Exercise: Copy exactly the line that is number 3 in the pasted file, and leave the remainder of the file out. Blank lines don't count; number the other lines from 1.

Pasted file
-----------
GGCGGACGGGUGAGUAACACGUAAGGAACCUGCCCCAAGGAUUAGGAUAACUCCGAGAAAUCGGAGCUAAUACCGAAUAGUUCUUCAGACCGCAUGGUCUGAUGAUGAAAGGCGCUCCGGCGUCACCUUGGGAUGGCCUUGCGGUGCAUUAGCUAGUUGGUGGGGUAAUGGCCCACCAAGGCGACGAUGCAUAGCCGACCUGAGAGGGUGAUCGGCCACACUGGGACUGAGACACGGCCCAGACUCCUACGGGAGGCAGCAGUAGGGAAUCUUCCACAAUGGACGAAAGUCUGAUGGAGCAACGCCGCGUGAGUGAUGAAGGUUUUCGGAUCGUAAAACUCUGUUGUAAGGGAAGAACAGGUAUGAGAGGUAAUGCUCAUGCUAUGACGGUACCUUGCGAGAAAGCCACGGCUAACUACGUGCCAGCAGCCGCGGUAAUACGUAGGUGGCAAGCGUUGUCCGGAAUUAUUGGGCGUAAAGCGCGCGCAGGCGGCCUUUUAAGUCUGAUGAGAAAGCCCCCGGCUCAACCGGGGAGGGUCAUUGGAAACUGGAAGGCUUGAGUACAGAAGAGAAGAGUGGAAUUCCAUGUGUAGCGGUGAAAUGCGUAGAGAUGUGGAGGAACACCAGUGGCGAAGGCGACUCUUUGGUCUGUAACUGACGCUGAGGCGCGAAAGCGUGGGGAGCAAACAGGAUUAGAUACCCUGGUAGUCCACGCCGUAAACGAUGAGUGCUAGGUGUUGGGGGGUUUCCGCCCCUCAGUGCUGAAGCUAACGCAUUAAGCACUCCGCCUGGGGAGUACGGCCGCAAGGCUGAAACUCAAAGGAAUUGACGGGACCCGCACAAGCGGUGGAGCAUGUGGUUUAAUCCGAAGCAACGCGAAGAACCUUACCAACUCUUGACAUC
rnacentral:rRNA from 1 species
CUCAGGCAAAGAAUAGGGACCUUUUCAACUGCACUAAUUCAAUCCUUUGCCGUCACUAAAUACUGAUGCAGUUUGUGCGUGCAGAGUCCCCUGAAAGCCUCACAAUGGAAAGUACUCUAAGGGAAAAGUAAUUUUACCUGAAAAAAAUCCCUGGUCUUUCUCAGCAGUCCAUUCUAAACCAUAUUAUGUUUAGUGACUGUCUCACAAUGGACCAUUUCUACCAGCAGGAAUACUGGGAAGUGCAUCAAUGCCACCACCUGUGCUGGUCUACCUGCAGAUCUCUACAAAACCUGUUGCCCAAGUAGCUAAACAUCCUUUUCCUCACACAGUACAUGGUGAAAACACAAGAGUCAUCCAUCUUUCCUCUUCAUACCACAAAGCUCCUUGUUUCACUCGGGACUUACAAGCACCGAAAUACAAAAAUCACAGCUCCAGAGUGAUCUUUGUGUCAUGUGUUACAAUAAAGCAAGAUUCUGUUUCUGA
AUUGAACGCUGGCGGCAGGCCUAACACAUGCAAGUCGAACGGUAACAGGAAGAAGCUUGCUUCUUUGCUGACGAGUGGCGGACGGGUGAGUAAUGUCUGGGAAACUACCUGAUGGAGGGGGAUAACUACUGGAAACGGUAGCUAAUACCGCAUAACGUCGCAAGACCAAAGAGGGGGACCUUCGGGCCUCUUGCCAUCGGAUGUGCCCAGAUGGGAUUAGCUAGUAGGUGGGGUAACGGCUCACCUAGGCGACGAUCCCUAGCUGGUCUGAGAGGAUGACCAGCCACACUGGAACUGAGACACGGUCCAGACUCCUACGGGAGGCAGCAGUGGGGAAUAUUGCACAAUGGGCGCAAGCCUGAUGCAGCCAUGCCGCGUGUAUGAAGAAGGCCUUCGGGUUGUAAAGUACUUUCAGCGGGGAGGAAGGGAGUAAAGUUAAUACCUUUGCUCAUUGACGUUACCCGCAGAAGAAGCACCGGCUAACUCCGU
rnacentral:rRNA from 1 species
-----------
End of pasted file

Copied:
CUCAGGCAAAGAAUAGGGACCUUUUCAACUGCACUAAUUCAAUCCUUUGCCGUCACUAAAUACUGAUGCAGUUUGUGCGUGCAGAGUCCCCUGAAAGCCUCACAAUGGAAAGUACUCUAAGGGAAAAGUAAUUUUACCUGAAAAAAAUCCCUGGUCUUUCUCAGCAGUCCAUUCUAAACCAUAUUAUGUUUAGUGACUGUCUCACAAUGGACCAUUUCUACCAGCAGGAAUACUGGGAAGUGCAUCAAUGCCACCACCUGUGCUGGUCUACCUGCAGAUCUCUACAAAACCUGUUGCCCAAGUAGCUAAACAUCCUUUUCCUCACACAGUACAUGGUGAAAACACAAGAGUCAUCCAUCUUUCCUCUUCAUACCACAAAGCUCCUUGUUUCACUCGGGACUUACAAGCACCGAAAUACAAAAAUCACAGCUCCAGAGUGAUCUUUGUGUCAUGUGUUACAAUAAAGCAAGAUUCUGUUUCUGA